Video: 6 Key Differences for Spring vs. Fall Black Bear Hunts

Considering a black bear hunt for the first time? Spring or fall? Here are six key differences to consider before booking an adventure.

Video: 6 Key Differences for Spring vs. Fall Black Bear Hunts

In the 11.5-minute YouTube video below, the host of NBWildman (above) discusses the six key differences for spring vs. fall black bear hunts. As the “NB” part of his YouTube channel name suggests, the host uses his home province of New Brunswick as an example when he breaks down these differences.

A quick summary:

  1. Spring bears are leaner, so if you want to shoot the heaviest bear on record, then fall is your best time. That said, because spring bears have less fat, the meat tastes better.
  2. Spring bear hunters must wait to confirm that a solo adult bear isn’t a sow with cubs. As the host explains, spring hunters must spend a few minutes to ensure cubs aren’t hanging back in the shadows. (Check the regulations where you hunt for specific information.)
  3. Hunters must understand that bears have more food choices during fall, including agricultural crops and acorns. Food is far more limited during spring, which makes bait sites more dependable.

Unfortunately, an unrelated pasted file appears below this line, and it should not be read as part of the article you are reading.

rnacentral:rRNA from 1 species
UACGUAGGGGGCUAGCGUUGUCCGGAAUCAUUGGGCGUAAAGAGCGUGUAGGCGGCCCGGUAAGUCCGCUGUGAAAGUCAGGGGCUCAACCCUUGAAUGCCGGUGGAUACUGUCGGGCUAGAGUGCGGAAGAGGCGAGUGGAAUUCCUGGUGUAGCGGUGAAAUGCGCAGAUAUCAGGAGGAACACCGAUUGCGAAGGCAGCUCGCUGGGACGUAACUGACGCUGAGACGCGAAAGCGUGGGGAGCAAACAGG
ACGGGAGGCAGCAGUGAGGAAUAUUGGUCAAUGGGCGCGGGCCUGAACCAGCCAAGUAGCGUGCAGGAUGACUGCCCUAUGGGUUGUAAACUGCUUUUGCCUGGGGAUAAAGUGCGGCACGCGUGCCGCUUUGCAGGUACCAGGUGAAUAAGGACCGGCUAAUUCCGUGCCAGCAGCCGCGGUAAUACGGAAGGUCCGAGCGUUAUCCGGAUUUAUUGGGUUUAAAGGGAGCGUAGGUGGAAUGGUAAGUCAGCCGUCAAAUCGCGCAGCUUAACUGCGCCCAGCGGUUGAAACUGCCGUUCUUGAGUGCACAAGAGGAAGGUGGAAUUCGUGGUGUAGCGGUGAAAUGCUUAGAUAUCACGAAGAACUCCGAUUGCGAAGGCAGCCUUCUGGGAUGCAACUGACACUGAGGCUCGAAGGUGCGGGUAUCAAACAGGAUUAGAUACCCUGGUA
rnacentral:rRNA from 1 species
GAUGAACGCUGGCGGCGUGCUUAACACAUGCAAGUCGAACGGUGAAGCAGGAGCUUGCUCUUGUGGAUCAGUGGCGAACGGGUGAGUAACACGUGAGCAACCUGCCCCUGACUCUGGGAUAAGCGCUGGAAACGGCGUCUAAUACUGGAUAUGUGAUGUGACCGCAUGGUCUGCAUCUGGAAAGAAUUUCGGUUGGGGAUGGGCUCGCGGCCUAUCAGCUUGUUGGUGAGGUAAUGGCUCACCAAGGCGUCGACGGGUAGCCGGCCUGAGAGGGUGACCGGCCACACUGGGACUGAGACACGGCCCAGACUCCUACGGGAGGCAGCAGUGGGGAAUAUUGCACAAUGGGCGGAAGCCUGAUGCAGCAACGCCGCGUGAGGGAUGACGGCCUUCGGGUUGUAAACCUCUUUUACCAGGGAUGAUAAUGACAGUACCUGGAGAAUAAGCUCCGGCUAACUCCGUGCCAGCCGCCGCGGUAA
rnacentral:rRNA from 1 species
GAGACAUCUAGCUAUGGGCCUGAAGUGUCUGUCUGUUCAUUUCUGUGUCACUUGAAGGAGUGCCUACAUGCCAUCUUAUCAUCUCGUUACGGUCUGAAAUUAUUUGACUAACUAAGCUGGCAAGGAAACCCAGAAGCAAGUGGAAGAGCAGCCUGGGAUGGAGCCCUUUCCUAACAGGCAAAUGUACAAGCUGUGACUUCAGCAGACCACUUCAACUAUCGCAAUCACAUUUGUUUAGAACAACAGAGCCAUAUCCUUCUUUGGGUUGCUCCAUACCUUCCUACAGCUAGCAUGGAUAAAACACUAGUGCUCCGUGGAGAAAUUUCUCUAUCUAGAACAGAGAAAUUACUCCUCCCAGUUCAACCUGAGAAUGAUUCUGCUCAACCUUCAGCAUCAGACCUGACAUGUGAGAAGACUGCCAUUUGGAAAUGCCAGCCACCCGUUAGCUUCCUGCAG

4. Spring is black bear mating season, so mature boars are often on the move searching for a sow-in-heat.
  5. In much of black bear country, the prevailing wind direction during fall is northwest, but during spring it’s southwest. Most bears won’t ignore human odor, so ambush locations must be set up so hunters look into the wind.
  6. Spring bear hunts can be brutal due to biting insects and high heat. Fall hunts are often much more comfortable.

Of course, not much else is open for hunting during spring other than wild turkeys, so if you’re looking to book a bear hunt that doesn’t interfere with other big game pursuits, then spring is the obvious choice.

At the time of this writing, I’m packing for a spring black bear hunt in north-central Manitoba. I made sure to choose an outfitter that also offers fishing in the mornings before the afternoon hunt, because spring is also a great time for shallow-water northern pike. Wish me luck!


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